Now that you’ve made the decision to get a dental implant after considering the costs, you may be experiencing a little apprehension wondering what comes next, if it will hurt, and how long it will take to recover. Relax. It’s easier than you think.
While a dental implant is by no means a simple procedure, just knowing what to expect will make all the difference.
The main steps of a dental implant:
Your dentist in Fresno CA, needs x-rays for evaluative and prognostic purposes. X-rays, panoramic X-rays, or a 3D CT scan will be used to determine bone and gum condition and to identify anything warnings. Click here for an in-depth look at the different types of dental x-rays.
Your dentist in Fresno CA will need to take an impression of your mouth, which will provide a pretty good replica of your teeth, gums, and surrounding tissues from which to work with. He or she will determine the right size plastic or metal impression tray for your mouth and fill it with a soft liquid, such as alginate or polyvinyl siloxane. You will bite down on the U-shaped plastic or metal impression tray. The liquid will set after a minute or two and become a solid rubber mass. You will then open your mouth and the tray will be removed and sent to a lab for processing. Keep in mind…
While most people have absolutely no problem, the impression process can be unpleasant for those who have an active gag reflex or experience panic over not being able to open their mouth or swallow properly. Simple as it sounds, the best advice I can give is this: don’t think about it and don’t be afraid to share your concerns with your dentist in Fresno CA.
There are techniques to keep you from gagging or panicking. Breathe deeply through your nose and try to distract yourself. If there’s a TV in the room, focus on that. If there’s music playing, listen to the beat. Count. Play a game of golf in your head. Dream of the beach. Your dentist in Fresno should also try to keep you sidetracked by talking to you, asking you questions (that you can’t answer because your mouth is full of gunk!), and assuring you that it’s “almost over.” Because it is. An impression doesn’t take as long as you imagine and, like many other dental procedures, your mind is your own worst enemy.Remember too, that your dentist is on your side. If you feel the need for nitrous oxide, just ask!
- Tooth Extraction
If the tooth in question still exists, it will need to be extracted. This can be done at the same time as the implant insertion. Your dentist will explain what type of anesthesia he or she plans to use but, generally speaking, a local injection of lidocaine (what most patients still refer to as novocaine), will assure a pain-free procedure. It doesn’t take long to pull a tooth, but if it is fractured, your dentist will be more cautious to avoid fragmentation. You will feel a little pressure and tugging as your dentist wiggles the tooth out.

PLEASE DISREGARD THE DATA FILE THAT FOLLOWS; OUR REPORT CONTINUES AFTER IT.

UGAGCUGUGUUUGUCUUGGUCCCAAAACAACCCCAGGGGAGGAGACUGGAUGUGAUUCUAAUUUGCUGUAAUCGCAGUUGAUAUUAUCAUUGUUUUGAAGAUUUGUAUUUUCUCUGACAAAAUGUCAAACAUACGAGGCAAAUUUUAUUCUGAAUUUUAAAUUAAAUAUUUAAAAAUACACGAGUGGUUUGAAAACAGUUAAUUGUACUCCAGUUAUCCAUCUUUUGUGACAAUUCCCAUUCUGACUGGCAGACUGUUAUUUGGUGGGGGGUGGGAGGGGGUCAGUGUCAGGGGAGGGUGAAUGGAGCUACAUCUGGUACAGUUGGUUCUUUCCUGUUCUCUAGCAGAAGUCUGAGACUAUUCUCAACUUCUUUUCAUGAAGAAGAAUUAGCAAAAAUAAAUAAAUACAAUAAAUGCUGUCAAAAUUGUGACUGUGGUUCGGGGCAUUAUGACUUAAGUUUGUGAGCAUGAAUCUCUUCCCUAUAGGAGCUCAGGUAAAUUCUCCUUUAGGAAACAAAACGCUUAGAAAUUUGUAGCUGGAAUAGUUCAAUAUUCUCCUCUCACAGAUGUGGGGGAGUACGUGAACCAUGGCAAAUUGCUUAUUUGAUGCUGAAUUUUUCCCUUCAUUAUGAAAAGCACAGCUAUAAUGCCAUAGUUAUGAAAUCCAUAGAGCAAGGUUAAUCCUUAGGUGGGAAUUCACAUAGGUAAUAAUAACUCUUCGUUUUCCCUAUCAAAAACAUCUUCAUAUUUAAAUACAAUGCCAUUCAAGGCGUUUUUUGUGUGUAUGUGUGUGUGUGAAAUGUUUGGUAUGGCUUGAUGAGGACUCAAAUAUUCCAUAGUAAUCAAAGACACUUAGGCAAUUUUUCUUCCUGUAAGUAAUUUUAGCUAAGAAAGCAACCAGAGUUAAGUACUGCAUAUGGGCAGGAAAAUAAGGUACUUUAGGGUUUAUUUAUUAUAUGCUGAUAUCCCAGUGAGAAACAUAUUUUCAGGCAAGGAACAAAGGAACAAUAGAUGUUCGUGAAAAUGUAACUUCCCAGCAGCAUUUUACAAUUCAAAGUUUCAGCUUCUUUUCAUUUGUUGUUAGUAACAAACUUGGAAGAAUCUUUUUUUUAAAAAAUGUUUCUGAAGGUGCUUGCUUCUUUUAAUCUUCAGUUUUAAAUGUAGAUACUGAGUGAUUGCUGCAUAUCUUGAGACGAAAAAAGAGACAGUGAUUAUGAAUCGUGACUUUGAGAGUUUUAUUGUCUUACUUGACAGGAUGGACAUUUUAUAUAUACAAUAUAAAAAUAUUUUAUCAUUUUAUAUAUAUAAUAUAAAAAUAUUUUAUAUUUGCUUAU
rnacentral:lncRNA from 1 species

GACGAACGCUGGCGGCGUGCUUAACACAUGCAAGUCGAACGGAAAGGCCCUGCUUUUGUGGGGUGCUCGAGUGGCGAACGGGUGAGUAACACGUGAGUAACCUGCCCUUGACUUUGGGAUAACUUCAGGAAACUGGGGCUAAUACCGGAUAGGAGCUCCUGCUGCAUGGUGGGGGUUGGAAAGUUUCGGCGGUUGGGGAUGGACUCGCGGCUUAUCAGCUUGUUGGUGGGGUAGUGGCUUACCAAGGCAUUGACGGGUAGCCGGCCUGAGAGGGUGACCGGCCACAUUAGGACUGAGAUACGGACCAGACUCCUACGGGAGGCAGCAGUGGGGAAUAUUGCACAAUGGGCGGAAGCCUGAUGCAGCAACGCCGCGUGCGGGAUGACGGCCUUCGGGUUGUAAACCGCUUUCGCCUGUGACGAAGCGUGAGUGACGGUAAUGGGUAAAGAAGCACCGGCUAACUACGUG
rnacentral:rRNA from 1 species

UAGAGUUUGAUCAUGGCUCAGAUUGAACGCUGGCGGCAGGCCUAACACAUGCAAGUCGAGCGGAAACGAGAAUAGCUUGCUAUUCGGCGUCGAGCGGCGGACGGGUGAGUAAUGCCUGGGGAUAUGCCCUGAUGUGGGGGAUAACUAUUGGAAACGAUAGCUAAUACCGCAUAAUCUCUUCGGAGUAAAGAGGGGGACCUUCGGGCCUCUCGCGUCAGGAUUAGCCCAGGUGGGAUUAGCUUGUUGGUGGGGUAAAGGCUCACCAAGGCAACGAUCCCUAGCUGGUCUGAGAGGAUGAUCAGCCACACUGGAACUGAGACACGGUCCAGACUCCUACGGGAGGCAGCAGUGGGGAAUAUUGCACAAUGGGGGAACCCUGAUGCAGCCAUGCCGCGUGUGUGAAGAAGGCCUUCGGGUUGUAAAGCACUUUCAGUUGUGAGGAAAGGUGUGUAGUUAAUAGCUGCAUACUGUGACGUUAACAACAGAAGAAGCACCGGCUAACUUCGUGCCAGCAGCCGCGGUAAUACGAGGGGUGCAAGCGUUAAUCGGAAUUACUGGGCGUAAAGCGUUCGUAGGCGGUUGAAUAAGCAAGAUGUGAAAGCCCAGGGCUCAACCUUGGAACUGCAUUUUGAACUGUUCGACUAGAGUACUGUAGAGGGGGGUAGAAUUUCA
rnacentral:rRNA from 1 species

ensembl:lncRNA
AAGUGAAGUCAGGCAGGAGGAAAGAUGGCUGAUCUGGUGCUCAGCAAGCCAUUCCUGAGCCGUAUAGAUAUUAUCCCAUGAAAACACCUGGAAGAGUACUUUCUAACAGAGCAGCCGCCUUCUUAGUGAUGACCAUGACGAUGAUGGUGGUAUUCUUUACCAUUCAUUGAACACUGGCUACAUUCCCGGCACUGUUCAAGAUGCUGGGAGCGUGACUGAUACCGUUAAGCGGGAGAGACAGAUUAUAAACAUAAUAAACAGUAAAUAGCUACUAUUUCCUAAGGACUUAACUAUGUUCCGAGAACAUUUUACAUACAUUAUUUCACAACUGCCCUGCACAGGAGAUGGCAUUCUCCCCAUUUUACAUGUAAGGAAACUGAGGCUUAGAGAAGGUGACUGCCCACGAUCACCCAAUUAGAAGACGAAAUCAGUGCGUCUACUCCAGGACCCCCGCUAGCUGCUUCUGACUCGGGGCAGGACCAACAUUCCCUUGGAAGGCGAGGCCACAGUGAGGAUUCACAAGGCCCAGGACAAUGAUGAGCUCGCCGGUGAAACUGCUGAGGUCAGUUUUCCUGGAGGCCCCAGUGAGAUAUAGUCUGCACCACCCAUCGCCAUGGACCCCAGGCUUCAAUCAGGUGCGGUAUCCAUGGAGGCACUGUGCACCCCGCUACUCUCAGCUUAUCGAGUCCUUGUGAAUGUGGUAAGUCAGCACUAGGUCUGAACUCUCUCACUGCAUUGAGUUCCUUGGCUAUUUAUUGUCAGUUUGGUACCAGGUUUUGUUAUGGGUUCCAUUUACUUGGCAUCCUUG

For a minimum of 24 hours after the extraction, you will be asked not to smoke, drink through a straw, spit excessively, or blow your nose. Doing so can cause a dry socket and unnecessary pain.
After the tooth is extracted, your dentist will drill a hole in your jawbone. This will feel similar to having a cavity drilled. In some cases, your dentist may have to make an incision in your gum to expose the bone, in which case suturing (stitches) will be necessary. The dentist will insert the implant deep into your jawbone. This serves as an artificial root for your new tooth.
Depending on the condition of your jawbone, a bone graft may be necessary. Usually this can be done with artificial bone materials and is such a minor part of the implant process that you won’t even know it’s happening.
Expect to be at this appointment for one to two hours. You’ll be fine to drive home and go about your daily routine following the procedure. However, you will most likely be restricted to a soft-food diet for up to a week.
- Abutment Placement
As your jawbone heals, it will fuse with the dental implant. This process can take several weeks or even months. There is no way of knowing in advance how long it will take and differs in every patient. Once your dentist has determined your implant is stable enough, an abutment is placed on top of it to serve as a connector to the crown. The abutment is tightened with a dental torque wrench so that it remains in place during chewing. Don’t worry – local anesthesia will keep you from feeling anything but a little bit of pressure!
In some instances, the abutment can be placed at the same time as the implant. However, because the abutment extends beyond the gum line, it will be visible, so make sure you discuss this option with your dentist beforehand! In other cases, a healing cap or healing abutment is used to keep tissue or bone from growing over the implant as osseointegration (the fusing of the bone and implant) takes place.
- Permanent Crown
Your permanent crown is attached to the abutment and voila! You’re done!